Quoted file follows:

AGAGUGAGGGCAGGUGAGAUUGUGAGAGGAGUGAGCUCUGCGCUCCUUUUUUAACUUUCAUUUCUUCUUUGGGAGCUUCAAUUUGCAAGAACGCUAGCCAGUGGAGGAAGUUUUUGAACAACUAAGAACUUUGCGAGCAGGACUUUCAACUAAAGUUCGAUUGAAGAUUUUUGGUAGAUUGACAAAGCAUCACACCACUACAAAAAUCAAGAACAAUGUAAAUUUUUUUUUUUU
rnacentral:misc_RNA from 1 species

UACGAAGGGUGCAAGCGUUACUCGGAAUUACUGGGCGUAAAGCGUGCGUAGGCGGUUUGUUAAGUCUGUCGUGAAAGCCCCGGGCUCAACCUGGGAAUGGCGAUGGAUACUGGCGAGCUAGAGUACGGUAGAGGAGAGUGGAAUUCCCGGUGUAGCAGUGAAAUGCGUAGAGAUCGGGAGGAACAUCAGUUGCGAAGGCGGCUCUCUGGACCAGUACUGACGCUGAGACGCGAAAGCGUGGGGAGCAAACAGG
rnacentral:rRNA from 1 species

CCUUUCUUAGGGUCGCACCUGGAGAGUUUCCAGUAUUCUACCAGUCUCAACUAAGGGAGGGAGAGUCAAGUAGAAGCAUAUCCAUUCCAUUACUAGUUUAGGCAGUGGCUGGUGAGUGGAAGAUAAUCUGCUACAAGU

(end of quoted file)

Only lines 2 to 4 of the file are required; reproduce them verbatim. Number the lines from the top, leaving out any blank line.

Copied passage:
rnacentral:misc_RNA from 1 species

UACGAAGGGUGCAAGCGUUACUCGGAAUUACUGGGCGUAAAGCGUGCGUAGGCGGUUUGUUAAGUCUGUCGUGAAAGCCCCGGGCUCAACCUGGGAAUGGCGAUGGAUACUGGCGAGCUAGAGUACGGUAGAGGAGAGUGGAAUUCCCGGUGUAGCAGUGAAAUGCGUAGAGAUCGGGAGGAACAUCAGUUGCGAAGGCGGCUCUCUGGACCAGUACUGACGCUGAGACGCGAAAGCGUGGGGAGCAAACAGG
rnacentral:rRNA from 1 species